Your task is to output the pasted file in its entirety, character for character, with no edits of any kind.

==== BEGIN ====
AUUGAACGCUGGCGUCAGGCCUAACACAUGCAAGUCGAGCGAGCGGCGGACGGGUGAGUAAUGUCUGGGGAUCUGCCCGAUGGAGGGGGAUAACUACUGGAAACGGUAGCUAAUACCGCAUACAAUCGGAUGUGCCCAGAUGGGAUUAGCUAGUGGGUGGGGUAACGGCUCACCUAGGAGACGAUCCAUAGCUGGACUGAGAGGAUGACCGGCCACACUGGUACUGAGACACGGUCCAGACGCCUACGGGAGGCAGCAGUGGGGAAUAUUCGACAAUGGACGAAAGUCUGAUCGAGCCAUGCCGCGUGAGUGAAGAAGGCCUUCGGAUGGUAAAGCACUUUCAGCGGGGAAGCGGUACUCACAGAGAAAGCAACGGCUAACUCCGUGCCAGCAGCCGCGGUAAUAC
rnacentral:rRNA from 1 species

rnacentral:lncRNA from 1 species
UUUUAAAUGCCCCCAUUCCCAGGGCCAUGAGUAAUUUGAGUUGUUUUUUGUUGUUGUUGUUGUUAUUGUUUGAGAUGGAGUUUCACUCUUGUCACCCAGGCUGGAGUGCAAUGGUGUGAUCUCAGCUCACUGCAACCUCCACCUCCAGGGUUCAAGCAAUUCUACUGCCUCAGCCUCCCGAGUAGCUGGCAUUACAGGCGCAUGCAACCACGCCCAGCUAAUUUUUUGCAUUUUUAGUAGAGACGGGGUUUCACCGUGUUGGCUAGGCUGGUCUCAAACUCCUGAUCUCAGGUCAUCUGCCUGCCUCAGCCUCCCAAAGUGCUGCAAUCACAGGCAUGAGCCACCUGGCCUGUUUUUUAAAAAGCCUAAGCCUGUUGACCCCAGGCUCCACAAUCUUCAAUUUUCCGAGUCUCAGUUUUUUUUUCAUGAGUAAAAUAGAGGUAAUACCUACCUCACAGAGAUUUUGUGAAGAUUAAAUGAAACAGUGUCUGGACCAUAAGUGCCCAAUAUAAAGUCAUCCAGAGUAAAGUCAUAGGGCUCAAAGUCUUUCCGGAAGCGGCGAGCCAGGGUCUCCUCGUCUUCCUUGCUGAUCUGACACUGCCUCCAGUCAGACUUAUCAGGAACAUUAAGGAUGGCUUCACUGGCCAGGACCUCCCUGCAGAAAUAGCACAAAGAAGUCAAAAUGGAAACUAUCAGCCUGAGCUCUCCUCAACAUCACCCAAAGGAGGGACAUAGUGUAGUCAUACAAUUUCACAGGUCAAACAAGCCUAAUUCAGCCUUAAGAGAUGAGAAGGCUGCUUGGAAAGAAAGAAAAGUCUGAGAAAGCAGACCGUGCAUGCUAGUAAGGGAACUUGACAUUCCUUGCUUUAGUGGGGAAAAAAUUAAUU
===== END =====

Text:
AUUGAACGCUGGCGUCAGGCCUAACACAUGCAAGUCGAGCGAGCGGCGGACGGGUGAGUAAUGUCUGGGGAUCUGCCCGAUGGAGGGGGAUAACUACUGGAAACGGUAGCUAAUACCGCAUACAAUCGGAUGUGCCCAGAUGGGAUUAGCUAGUGGGUGGGGUAACGGCUCACCUAGGAGACGAUCCAUAGCUGGACUGAGAGGAUGACCGGCCACACUGGUACUGAGACACGGUCCAGACGCCUACGGGAGGCAGCAGUGGGGAAUAUUCGACAAUGGACGAAAGUCUGAUCGAGCCAUGCCGCGUGAGUGAAGAAGGCCUUCGGAUGGUAAAGCACUUUCAGCGGGGAAGCGGUACUCACAGAGAAAGCAACGGCUAACUCCGUGCCAGCAGCCGCGGUAAUAC
rnacentral:rRNA from 1 species

rnacentral:lncRNA from 1 species
UUUUAAAUGCCCCCAUUCCCAGGGCCAUGAGUAAUUUGAGUUGUUUUUUGUUGUUGUUGUUGUUAUUGUUUGAGAUGGAGUUUCACUCUUGUCACCCAGGCUGGAGUGCAAUGGUGUGAUCUCAGCUCACUGCAACCUCCACCUCCAGGGUUCAAGCAAUUCUACUGCCUCAGCCUCCCGAGUAGCUGGCAUUACAGGCGCAUGCAACCACGCCCAGCUAAUUUUUUGCAUUUUUAGUAGAGACGGGGUUUCACCGUGUUGGCUAGGCUGGUCUCAAACUCCUGAUCUCAGGUCAUCUGCCUGCCUCAGCCUCCCAAAGUGCUGCAAUCACAGGCAUGAGCCACCUGGCCUGUUUUUUAAAAAGCCUAAGCCUGUUGACCCCAGGCUCCACAAUCUUCAAUUUUCCGAGUCUCAGUUUUUUUUUCAUGAGUAAAAUAGAGGUAAUACCUACCUCACAGAGAUUUUGUGAAGAUUAAAUGAAACAGUGUCUGGACCAUAAGUGCCCAAUAUAAAGUCAUCCAGAGUAAAGUCAUAGGGCUCAAAGUCUUUCCGGAAGCGGCGAGCCAGGGUCUCCUCGUCUUCCUUGCUGAUCUGACACUGCCUCCAGUCAGACUUAUCAGGAACAUUAAGGAUGGCUUCACUGGCCAGGACCUCCCUGCAGAAAUAGCACAAAGAAGUCAAAAUGGAAACUAUCAGCCUGAGCUCUCCUCAACAUCACCCAAAGGAGGGACAUAGUGUAGUCAUACAAUUUCACAGGUCAAACAAGCCUAAUUCAGCCUUAAGAGAUGAGAAGGCUGCUUGGAAAGAAAGAAAAGUCUGAGAAAGCAGACCGUGCAUGCUAGUAAGGGAACUUGACAUUCCUUGCUUUAGUGGGGAAAAAAUUAAUU